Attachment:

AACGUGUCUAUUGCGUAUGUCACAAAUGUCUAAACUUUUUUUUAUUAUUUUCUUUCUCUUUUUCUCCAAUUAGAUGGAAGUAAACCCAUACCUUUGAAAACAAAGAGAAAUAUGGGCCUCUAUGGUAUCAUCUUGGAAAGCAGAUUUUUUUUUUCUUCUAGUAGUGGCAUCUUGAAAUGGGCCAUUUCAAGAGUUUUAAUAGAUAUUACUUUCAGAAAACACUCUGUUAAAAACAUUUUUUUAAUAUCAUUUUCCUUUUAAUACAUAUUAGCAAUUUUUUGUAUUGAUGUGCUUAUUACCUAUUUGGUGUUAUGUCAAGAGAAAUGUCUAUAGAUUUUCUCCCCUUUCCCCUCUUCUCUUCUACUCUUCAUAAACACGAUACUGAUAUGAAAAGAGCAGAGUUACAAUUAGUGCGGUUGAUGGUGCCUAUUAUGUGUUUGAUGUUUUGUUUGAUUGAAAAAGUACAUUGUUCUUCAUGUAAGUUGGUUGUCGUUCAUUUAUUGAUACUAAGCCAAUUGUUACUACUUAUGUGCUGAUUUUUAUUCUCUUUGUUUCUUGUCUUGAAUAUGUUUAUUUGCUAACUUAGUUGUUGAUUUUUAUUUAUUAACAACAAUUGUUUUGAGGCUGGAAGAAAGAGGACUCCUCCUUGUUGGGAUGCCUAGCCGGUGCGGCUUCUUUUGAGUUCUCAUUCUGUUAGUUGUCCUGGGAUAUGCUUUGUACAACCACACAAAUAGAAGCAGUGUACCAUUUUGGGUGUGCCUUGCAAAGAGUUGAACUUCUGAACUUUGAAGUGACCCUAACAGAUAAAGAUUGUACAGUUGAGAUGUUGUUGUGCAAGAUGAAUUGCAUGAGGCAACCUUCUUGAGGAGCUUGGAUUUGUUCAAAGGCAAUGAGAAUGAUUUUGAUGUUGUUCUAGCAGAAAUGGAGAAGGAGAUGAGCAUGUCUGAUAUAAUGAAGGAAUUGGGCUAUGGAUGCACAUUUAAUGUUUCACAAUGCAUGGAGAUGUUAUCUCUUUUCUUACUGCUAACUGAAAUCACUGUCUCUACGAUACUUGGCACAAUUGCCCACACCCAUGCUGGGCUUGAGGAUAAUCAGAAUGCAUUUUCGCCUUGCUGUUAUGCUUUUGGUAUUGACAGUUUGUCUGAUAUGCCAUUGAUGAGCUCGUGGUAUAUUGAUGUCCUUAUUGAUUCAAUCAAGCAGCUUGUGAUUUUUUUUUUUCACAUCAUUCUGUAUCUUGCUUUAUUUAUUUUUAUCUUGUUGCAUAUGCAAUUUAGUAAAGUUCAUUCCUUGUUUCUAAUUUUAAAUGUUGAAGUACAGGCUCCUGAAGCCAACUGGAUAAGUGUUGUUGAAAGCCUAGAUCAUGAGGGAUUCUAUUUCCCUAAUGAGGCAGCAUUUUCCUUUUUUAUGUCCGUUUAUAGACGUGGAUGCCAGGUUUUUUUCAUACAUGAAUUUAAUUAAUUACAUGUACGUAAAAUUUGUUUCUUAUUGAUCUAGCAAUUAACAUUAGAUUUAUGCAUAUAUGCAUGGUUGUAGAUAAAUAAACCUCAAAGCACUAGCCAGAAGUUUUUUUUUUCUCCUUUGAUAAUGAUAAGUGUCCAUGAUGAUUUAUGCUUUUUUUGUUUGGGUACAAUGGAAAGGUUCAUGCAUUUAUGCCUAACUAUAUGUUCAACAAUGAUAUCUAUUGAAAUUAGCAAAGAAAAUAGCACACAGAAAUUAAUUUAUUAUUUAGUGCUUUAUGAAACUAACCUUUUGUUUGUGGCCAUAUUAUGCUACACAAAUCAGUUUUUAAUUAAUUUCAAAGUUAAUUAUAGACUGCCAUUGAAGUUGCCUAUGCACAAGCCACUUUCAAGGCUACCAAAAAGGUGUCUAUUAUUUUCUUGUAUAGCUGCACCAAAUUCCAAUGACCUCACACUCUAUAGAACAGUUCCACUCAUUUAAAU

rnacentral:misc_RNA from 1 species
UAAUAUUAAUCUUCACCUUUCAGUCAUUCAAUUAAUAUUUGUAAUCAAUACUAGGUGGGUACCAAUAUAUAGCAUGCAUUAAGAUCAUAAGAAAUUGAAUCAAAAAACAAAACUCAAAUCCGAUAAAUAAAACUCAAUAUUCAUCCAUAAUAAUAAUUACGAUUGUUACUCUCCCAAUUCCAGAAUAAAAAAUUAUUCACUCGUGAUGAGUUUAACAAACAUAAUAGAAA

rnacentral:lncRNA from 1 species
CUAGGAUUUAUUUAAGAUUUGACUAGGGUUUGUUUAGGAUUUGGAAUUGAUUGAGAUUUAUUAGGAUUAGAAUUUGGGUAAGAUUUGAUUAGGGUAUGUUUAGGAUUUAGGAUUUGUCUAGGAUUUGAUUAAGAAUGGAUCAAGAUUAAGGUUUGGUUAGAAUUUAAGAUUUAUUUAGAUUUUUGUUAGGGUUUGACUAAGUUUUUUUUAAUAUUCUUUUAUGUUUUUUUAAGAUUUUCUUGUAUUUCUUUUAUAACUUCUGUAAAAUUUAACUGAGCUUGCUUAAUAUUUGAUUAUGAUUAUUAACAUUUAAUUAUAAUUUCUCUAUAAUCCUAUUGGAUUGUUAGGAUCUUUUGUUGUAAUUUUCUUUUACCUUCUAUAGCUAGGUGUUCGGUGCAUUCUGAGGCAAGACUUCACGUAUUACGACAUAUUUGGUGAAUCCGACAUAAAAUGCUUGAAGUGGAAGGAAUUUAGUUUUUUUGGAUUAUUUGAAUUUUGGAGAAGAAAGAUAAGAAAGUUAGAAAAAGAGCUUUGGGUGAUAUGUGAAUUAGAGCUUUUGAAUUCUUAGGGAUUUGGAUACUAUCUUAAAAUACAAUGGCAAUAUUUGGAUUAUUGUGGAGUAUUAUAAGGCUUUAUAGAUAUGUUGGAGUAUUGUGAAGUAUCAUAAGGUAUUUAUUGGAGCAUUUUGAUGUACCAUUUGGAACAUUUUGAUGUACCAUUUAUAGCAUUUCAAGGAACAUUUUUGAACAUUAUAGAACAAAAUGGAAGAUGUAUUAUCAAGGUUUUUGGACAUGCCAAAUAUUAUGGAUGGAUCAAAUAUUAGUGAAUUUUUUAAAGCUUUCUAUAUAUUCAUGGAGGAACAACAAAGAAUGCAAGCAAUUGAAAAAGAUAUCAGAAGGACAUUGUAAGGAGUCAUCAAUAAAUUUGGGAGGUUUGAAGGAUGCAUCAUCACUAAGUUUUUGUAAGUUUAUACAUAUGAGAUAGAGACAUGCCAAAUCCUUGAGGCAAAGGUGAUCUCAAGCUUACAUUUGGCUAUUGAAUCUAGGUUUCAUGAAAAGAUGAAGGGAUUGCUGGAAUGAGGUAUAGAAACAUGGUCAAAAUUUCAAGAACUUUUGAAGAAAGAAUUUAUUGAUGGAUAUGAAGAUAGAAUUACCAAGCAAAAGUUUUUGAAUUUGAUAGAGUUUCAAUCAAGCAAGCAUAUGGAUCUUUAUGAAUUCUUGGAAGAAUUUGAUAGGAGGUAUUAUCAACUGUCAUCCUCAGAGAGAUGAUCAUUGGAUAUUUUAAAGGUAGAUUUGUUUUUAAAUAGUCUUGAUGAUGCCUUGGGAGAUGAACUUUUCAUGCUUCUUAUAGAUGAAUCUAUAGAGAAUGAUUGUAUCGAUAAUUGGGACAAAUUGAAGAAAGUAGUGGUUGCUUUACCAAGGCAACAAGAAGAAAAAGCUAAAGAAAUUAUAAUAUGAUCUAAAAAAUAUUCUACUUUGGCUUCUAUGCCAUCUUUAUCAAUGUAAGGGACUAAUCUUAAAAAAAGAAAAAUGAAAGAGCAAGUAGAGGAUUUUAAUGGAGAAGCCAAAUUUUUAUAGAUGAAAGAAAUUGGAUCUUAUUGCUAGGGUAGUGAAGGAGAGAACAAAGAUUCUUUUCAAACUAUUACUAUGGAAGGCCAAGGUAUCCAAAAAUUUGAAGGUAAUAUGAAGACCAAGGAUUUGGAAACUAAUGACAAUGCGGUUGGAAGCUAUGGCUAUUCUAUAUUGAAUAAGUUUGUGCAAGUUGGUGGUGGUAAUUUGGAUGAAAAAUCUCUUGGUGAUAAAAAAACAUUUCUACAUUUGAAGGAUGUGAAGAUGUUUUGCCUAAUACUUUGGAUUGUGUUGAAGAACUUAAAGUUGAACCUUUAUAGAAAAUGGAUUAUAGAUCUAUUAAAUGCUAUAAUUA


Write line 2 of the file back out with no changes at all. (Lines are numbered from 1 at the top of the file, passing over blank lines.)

rnacentral:misc_RNA from 1 species